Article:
The Committee Clerk

Environment and Sustainability Committee

National Assembly for Wales

Cardiff Bay, CF99 1NA


06 November 2014


Dear Sir / Madam,


Inquiry into the general principles of the Planning (Wales) Bill


Thank you for the opportunity to submit evidence on the general principles of the Planning (Wales) Bill.


The Institute for Archaeologists


The Institute for Archaeologists (IfA) is a professional body for the study and care of the historic environment. It promotes best practice in archaeology and provides a self-regulatory quality assurance framework for the sector and those it serves.


IfA has over 3,200 members and more than 70 registered practices across the United Kingdom. Its members work in all branches of the discipline: heritage management, planning advice, excavation, finds and environmental study, buildings recording, underwater and aerial archaeology, museums, conservation, survey, research and development, teaching and liaison with the community, industry and the commercial and financial sectors.


IfA’s Wales / Cymru Group has over 300 members practising in the public, private and voluntary sector in Wales.


 IfA has successfully petitioned for a Royal Charter of Incorporation which was granted on 03 June 2014.


IfA Evidence on the general principles of the Planning (Wales) Bill




1. The planning system plays a key role in the management and protection of the historic environment in Wales (which includes archaeological remains both above and below ground). That role is not confined simply to designated assets. Over 90% of the historic environment is undesignated (i.e. not specifically protected by listing, scheduling or some other statutory designation) and is, for the most part, solely protected as a ‘material consideration’ in the planning process.


2. In this regard, IfA submitted a response dated 26 February, 2014 to Welsh Government’s consultation on Proposals to Reform the Planning System in Wales[1] in which it welcomed Welsh Government’s aims to reposition the planning system in Wales ‘as a tool to manage change in the public interest’, to clarify and streamline the system and to enable ‘appropriate development’ provided that development was truly sustainable.


3. The Institute particularly welcomes provisions in the Bill to reinforce the plan-led system, to front-load the development management process by making provision for pre-application services and to modernise enforcement mechanisms. It confines its evidence in response to the terms of reference of this Inquiry to (1) the need for legislation in relation to planning committees and delegation (clause 37 of the Bill) and (2) the need for legislation to facilitate a review of Design and Access Statements (clause 27 of the Bill).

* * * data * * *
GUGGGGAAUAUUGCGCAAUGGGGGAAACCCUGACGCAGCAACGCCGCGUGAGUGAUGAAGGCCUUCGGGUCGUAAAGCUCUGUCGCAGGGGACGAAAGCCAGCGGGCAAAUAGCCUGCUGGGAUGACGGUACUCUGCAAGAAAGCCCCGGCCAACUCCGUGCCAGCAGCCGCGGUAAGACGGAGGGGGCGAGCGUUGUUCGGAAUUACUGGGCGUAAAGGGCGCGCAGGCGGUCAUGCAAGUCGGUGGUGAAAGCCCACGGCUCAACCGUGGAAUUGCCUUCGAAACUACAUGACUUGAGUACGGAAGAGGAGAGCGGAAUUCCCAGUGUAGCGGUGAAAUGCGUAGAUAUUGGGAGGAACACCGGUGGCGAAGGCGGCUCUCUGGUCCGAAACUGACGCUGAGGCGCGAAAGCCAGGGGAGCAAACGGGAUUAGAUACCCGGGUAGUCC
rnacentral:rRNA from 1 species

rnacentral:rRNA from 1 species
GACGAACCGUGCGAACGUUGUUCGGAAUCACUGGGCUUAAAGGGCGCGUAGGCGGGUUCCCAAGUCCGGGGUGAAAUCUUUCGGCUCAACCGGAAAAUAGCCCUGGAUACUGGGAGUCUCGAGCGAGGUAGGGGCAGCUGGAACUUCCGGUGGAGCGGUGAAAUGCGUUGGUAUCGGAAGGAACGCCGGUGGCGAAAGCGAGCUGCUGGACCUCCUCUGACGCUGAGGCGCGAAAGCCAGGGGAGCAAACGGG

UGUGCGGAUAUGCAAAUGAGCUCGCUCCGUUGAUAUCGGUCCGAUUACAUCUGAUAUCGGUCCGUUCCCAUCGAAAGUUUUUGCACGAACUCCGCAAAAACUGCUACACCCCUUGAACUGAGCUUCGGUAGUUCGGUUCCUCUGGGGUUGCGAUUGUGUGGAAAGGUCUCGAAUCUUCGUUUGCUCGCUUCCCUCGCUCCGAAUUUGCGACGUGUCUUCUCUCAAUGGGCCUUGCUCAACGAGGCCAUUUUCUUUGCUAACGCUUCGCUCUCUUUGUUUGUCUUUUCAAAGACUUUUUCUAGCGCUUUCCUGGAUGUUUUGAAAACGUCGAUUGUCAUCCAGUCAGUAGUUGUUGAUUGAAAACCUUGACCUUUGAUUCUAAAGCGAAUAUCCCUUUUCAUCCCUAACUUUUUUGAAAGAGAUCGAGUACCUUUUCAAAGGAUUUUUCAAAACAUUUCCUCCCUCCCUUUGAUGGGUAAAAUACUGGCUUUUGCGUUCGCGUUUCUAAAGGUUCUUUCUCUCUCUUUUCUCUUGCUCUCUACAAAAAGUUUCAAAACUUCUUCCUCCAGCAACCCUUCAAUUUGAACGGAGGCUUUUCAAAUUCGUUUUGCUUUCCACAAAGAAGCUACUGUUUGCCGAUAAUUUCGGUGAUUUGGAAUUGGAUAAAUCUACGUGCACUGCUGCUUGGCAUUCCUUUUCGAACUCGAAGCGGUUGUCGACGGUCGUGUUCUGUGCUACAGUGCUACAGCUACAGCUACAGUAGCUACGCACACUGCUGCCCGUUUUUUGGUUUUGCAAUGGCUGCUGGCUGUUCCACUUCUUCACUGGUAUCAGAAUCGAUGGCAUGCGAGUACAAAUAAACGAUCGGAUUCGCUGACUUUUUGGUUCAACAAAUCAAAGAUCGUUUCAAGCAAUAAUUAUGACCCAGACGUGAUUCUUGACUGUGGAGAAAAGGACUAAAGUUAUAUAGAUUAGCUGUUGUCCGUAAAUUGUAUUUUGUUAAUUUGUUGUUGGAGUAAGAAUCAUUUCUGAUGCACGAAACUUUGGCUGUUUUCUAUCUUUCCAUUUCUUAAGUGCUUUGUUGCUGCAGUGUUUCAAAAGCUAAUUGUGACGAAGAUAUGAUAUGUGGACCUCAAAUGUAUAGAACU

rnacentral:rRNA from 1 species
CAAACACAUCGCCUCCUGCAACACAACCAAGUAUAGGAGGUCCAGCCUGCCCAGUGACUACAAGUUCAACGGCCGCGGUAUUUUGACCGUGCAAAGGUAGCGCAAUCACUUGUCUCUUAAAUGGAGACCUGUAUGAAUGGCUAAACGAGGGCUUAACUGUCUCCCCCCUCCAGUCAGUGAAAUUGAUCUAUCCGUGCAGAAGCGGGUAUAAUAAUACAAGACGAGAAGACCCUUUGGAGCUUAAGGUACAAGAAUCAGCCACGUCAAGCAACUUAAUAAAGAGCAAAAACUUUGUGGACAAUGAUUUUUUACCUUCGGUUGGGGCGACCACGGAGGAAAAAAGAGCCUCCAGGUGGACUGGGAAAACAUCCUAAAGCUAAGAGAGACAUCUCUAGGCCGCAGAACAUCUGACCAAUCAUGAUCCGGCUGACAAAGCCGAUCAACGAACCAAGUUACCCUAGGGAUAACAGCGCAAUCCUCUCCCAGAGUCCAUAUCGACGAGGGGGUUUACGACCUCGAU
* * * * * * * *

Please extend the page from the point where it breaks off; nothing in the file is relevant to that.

Planning Committees and Delegation


4. IfA welcomes the provisions in clause 37 of the Bill which allow for regulations to be made governing the discharge of functions by committee, sub-committee or officer. Such regulations are needed, in particular, to require ‘compulsory training for members of planning committees, including procedures where training requirements have not been met by individuals’ (Independent Advisory Group recommendation cited at paragraph 3.84 of the Explanatory Memorandum). Such training should include training with regard to the historic environment. (Those not directly involved in the heritage sector may not need to attain levels of skill and knowledge required for a historic environment practitioner, but still need to have a basic knowledge and understanding of the historic environment and its significance in the planning system. Basic training of planners and members, however, does not remove the need for archaeological and wider historic environment expertise in the assessment of planning proposals.)


5. The Institute would welcome the opportunity to work with Welsh Government and other stakeholders to deliver training in this regard.


Design and Access Statements


6. The introduction of clause 27, facilitating a review of Design and Access Statements is necessary and supported by IfA. In an archaeological context, the relationship between Design and Access Statements (for which there is no professional, archaeological standard) and desk-based assessments (for which there is: see is unclear and needs to be addressed.


The Institute would be happy to give oral evidence if required. In the meantime, if there is anything further that I can do to assist please do not hesitate to contact me.


Yours faithfully,


Tim Howard LLB, Dip Prof Arch

Senior Policy Advisor